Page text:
SECURE Act and Annuities

An additional provision of the SECURE Act is that it allows 401k plans to allow annuities. You can use your 401k balance – or a part of it – to purchase an annuity that will provide a stable stream of income for the rest of your life. What could go wrong?

What Is an Annuity?

I won’t go into a long background. Read this article recently published by US News or just Google it. The SECURE Act allows all different types of annuities in 401k plans: fixed or variable, immediate or deferred.

Low Interest Rates = Low Annuity Rates

As I write this, the 10-Year US Treasury yield is about 1.3%. Interest rates are low as investors move money to safe havens as the Covid-19 threat looms. If you are considering an annuity as an option for future income, your payout rate will be a low percentage of your investment because risk-free reinvestment rates are historically low right now.

Fees Can Be High

It is said that annuities are sold, not bought. They are sold because the sales fees are high to the companies and brokers selling them to you. Fees are particularly high on variable annuities. If you are considering an annuity, whether in a 401k plan or outside it, make sure you are aware of its commission or “load” fees as well as any annual maintenance fees. Caveat emptor.

Default Risk

Another risk is that the annuity provider, typically an insurance company, goes out of business. Remember AIG back in the mid-2000s? They were and still are a major annuity provider. If you have an annuity from an insurance company that goes bankrupt, you are in a heap of trouble, and your “safe” income stream will stand a good chance of being interrupted, if not totally eliminated.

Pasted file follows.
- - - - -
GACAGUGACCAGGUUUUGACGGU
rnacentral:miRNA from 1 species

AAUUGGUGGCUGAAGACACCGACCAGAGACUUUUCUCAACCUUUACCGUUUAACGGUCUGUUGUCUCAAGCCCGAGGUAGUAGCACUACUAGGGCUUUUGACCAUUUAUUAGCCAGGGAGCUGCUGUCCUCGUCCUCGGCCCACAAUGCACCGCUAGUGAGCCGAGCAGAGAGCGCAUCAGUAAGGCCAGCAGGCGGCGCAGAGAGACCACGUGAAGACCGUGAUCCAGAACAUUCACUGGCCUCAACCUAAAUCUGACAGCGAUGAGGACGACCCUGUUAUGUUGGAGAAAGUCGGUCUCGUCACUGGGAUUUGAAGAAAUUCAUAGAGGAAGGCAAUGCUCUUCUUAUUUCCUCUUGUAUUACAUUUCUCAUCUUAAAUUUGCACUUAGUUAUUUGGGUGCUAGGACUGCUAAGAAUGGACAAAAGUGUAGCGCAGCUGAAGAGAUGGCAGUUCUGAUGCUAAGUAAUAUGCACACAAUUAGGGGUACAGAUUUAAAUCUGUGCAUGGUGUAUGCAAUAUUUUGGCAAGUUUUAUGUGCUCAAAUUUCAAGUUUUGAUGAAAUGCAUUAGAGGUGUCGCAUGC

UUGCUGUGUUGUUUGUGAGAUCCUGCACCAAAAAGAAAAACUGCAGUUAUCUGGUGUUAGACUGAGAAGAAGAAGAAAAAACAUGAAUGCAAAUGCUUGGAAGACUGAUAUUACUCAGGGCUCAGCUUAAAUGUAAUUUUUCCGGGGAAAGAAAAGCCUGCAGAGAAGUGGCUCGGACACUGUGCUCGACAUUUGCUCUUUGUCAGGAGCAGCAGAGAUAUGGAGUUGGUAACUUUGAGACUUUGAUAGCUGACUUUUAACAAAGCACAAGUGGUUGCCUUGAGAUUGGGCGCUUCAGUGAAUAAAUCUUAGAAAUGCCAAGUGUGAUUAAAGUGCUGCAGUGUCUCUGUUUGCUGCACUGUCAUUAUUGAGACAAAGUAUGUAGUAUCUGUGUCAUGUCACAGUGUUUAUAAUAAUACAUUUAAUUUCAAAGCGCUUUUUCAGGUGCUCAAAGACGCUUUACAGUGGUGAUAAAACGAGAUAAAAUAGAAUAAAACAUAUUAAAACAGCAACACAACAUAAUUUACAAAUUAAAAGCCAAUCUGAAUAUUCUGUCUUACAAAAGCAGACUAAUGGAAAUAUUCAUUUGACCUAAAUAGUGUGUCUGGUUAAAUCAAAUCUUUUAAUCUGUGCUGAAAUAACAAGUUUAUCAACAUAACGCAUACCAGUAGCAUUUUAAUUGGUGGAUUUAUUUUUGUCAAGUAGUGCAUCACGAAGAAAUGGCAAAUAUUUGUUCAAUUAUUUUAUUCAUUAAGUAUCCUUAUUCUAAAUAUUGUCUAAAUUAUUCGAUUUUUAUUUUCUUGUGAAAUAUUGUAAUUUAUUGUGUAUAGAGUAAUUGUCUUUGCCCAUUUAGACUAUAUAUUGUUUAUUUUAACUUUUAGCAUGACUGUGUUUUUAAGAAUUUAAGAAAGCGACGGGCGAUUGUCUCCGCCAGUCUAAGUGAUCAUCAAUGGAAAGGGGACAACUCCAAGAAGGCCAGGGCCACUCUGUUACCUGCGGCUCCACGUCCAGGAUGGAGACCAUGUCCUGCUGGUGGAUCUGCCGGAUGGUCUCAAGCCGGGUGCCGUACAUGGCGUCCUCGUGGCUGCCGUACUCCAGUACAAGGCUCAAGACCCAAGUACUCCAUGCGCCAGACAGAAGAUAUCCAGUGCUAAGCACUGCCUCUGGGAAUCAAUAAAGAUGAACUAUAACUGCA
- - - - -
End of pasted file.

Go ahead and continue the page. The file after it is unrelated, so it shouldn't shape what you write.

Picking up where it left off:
Synthetic Annuity

Do you like the idea of an annuity but don’t want to pay those fees? Talk to a financial planner, such as me. Your financial planner should be able to create an annuity stream that will mimic that which you can purchase from an insurance company, at least to some extent. The financial planner doesn’t work for free, of course, but it might be worth a conversation with them.

10-Year RMD

Another issue is that the 10-Year period of Required Minimum Withdrawals (also part of the SECURE Act) must be satisfied. Typically, a 401k owner would purchase an annuity either for themselves (single-life) or for them and their spouse (dual-life), and the annuity would end at their death. Thus, the 10-Year RMD provision probably isn’t a significant issue related to purchasing an annuity in a 401k, but you need to keep it in mind.


I am not an annuity fan but I understand their appeal especially to seniors who don’t want to have to think about their income stream anymore. This post is to alert readers to the issues related to the annuity provision in the SECURE Act, and, of course, to as you to contact me if you have further questions or if you are interested in discussing alternatives to annuity products for retirement income.

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